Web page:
Design Automation in Microfluidics: An Experimentalist's Perspective

William H. Grover
University of California, Riverside, US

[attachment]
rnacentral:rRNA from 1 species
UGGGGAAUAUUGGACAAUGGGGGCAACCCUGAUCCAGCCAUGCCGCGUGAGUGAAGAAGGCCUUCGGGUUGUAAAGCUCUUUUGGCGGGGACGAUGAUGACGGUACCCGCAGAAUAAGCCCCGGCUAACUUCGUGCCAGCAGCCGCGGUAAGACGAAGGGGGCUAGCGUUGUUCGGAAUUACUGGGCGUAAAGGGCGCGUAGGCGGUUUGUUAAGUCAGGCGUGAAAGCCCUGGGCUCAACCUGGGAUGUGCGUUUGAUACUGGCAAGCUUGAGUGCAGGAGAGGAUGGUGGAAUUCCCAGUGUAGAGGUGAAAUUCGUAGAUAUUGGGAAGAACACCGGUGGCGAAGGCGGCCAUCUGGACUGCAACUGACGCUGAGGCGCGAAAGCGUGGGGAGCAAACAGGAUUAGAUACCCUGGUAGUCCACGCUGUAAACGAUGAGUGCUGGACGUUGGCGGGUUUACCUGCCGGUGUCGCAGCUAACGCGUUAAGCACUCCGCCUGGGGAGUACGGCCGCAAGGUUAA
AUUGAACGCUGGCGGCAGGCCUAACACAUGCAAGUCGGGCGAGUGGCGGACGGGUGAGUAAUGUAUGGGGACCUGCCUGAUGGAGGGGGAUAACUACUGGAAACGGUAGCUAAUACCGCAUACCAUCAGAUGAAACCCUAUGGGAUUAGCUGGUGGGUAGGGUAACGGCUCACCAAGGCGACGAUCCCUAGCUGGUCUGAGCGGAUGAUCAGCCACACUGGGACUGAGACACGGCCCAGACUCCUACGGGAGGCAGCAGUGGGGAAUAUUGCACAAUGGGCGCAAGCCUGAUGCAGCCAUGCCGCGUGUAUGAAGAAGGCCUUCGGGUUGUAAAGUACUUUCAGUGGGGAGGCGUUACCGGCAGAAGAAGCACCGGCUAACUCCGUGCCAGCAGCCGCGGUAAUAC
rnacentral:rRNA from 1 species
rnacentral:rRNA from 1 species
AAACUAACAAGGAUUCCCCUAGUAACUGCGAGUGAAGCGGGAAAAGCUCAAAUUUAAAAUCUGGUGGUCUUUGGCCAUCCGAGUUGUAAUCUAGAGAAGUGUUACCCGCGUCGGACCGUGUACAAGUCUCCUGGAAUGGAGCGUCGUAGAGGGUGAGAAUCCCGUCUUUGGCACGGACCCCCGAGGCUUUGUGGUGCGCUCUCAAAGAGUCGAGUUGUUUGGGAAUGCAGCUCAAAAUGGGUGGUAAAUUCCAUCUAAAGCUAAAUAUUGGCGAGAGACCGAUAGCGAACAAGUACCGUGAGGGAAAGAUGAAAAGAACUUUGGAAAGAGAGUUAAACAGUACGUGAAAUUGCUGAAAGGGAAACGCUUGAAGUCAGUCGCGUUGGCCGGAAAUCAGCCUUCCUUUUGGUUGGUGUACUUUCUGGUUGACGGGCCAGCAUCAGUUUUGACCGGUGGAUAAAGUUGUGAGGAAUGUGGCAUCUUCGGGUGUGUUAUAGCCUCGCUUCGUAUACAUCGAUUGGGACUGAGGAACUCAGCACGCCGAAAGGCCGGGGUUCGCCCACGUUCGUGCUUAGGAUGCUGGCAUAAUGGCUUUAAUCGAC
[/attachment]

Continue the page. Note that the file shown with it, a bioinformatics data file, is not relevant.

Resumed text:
The field of microfluidic lab-on-a-chip devices is nearly 40 years old. In that time, microfluidic technologies have found several important applications, primarily in bioscience research and healthcare. However, the overall spread of microfluidic technologies has been remarkably slow, especially into important fields like agriculture and environmental monitoring. Why is this? In this talk I will give my answers to this question, based on perspectives gained during 20 years of research in experimental microfluidics. I will share my lab's approaches at automating the design of microfluidic chips, including using randomly-designed chips and databases of chip simulations to automatically find custom designs for given applications. I'll also explain why chip design is only half the problem in microfluidics, and why the other half of the problem—chip fabrication—also deserves our attention. Finally, I will argue that the biggest source of pain for creators of microfluidic chips isn't the chip itself, but the off-chip equipment needed to control the chip, and I will share recent work by my group and others aimed at reducing or eliminating off-chip equipment by integrating its control functions onto the chip itself using “pneumatic logic.”